Kochi, Tapasi, Suchitra, Puja, Manik, Shanti, Avijit and Gour were a bunch of bright-eyed tweens, frolicking around in the neighborhood lanes, flying kites, pulling each other's legs. When New York-based photojournalist Zana Briski entered their lives, camera in hand, she was greeted with their eager eyes and innocent charm. But there was no ignoring the plea for help that resonated off each of these kids.
The streets they roamed were a part of the squalid red-light neighbourhood in Kolkata, the notorious Sonagachi.
Home to more than 10,000 prostitutes, pimps, babus , customers, Sonagachi also houses children of all ages, who inevitably become a victim of their circumstances. Zana Briski and Ross Kauffman travelled to the underbellies of Kolkata to study the lives of the prostitutes inhabiting the dismal gullies of Sonagachi.
What struck them instead were the feisty, resilient little kids the area was teeming with, and the hopelessness in their eyes.
They quickly became aware of the fact that in order to understand their circumstances, it was essential that they inhabit amongst them and become a part of their lives. Zana decided to engage the kids, handing cameras to each of them, and giving them lessons in photography. The children proved to be fast learners, soaking up everything she had to offer and took interest in the classes.
What began as a documentation of the effect of art on the lives of these children eventually culminated into an Oscar winning documentary. Born Into Brothels released in the year 2004 to mixed reviews, and went on to win the Academy Award for Best Documentary Feature that very year.
The Immoral Trafficking Prevention Act, 1956, the main statute dealing with sex-work in India, does not criminalize prostitution or prostitutes per se, but pimping, brothel keeping, etc are considered crimes.
In 2007, the Ministry of Women and Child Development reported the presence of over 3 million female sex workers in India, with 35.47% of them entering the trade before the age of 18 years.
These kids were born into doom. Their fate had been sealed at birth, born to be shunned by society at large, with little or no prospects for their future.
It was inevitable that the little girls would grow up to be dragged into the 'line' and the boys would disappear into oblivion, succumbing to the contrived web of the thriving sex trade.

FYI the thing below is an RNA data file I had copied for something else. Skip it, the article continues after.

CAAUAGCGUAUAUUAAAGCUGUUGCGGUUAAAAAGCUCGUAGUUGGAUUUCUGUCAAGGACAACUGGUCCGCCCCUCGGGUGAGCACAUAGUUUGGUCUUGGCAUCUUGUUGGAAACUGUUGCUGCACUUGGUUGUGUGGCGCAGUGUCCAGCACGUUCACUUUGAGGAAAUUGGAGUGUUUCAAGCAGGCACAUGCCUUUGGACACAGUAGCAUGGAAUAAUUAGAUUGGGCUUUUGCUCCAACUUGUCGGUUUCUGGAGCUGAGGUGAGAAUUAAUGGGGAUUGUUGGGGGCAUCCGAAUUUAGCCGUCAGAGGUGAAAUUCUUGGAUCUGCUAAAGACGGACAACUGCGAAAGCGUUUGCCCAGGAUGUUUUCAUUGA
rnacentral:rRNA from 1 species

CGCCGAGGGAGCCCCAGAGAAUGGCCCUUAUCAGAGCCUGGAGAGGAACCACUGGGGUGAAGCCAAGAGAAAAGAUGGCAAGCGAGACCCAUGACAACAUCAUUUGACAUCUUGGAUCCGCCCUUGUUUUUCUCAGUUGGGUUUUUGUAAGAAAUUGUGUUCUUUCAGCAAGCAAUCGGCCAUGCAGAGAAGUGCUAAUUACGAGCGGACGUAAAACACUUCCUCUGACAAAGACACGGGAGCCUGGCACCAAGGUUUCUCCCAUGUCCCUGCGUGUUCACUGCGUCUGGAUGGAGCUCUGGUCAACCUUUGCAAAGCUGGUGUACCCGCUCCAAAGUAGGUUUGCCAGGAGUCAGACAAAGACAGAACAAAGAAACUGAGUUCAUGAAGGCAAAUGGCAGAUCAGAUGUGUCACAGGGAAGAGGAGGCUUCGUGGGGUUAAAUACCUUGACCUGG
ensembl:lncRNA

Zana Briski, perturbed by their predicament, decided to intervene. She took it upon herself to try and put them through school, in her efforts to ensure that they did not get sucked back into the life they had been born into.
While the documentary did not throw much light on the intricacies of the lives of the prostitutes per se, it did give a clear picture of the relationships each of the kids shared with their family members.
Kochi, the demure little girl, ran away with her sister's help to escape from her father who had intended to sell her off. She now lived in Sonagachi with her grandmother, who took Zana's help to try and put her in an orphanage with the hope that she would have a better life, and escape her dismal fate.
The firebrand Puja had been born into a Brahmin family, and was the favourite imp in the household. While both and her grandmother talked about wanting a better life for their little darling, they were not too happy at the prospect of her having to stay away from family.
Avijit, with his infectious dimpled smile and twinkling eyes was easily the most talented of the lot. With an innate flair for photography and art, he was slowly spiralling into depression after his mother's sudden demise. His trip to Amsterdam to participate in the World Press Photo Foundation as a child jury uplifted him, and motivated him to join school following Zana's relentless efforts.
Schools in the area vehemently refused to admit any of these kids and the fact that the possibility of them being carriers of the HIV virus was a factor that made it even more difficult to get them enrolled. Tests were carried out and having tested negative, the kids were eventually sent to boarding schools in the hope that they would stay away from the toxicity of the area they called home.
The documentary-makers subsequently set up a charity, Kids With Cameras, to help the kids with their education. Photography exhibitions were held in Kolkata and New York and an auction in Sotheby's raised funds.
Avijit went on to study filmmaking at New York University, and is now set to make his Hollywood debut as an assistant director.
With considerable aid from the profits made out of the movie's success, Kochi's education was sponsored and she also went on to study in the United States. The others however fell back into the clutches of destitution. Puja, despite being the most inspired by the prospect of education, is now a sex worker and lives in Sonagachi. Being a part of the trade has worked out for her, she says.
The film however received criticism on account of it being too focused on individual solutions rather than communal ones, and that it ignores the work being done by social workers and organizations committed to the cause of the sex workers in the locality.